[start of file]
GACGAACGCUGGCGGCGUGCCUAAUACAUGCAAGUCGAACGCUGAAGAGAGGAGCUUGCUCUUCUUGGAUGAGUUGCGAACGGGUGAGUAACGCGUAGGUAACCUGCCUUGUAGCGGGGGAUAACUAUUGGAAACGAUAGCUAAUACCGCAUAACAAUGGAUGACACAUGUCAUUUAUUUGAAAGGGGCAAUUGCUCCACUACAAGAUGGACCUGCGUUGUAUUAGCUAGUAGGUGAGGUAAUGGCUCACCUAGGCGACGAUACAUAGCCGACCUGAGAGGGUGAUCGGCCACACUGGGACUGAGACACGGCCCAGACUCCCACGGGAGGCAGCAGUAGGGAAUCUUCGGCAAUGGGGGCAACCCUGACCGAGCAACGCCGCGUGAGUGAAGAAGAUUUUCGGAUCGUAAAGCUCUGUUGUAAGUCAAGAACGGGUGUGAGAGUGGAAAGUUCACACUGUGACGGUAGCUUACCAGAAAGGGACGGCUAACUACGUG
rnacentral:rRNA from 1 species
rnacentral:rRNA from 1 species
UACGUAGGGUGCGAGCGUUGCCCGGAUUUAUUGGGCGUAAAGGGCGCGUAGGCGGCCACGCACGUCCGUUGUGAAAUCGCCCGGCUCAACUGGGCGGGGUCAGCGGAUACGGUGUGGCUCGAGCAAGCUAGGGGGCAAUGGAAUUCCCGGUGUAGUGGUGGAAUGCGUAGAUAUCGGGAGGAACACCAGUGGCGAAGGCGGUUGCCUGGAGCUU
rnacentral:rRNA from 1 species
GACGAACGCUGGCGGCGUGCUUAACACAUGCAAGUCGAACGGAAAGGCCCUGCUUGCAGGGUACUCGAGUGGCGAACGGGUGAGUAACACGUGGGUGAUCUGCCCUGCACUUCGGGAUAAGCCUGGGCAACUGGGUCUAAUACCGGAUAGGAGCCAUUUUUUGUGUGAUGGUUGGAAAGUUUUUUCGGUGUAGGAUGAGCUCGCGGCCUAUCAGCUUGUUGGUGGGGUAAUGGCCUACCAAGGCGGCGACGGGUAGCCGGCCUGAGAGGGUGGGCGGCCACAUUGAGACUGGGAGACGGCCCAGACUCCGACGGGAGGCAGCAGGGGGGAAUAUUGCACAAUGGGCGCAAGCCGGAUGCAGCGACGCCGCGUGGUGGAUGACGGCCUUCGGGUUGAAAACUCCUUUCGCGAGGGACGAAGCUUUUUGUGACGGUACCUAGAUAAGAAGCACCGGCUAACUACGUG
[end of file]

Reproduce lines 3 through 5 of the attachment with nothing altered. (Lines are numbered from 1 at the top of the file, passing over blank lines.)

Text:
rnacentral:rRNA from 1 species
UACGUAGGGUGCGAGCGUUGCCCGGAUUUAUUGGGCGUAAAGGGCGCGUAGGCGGCCACGCACGUCCGUUGUGAAAUCGCCCGGCUCAACUGGGCGGGGUCAGCGGAUACGGUGUGGCUCGAGCAAGCUAGGGGGCAAUGGAAUUCCCGGUGUAGUGGUGGAAUGCGUAGAUAUCGGGAGGAACACCAGUGGCGAAGGCGGUUGCCUGGAGCUU
rnacentral:rRNA from 1 species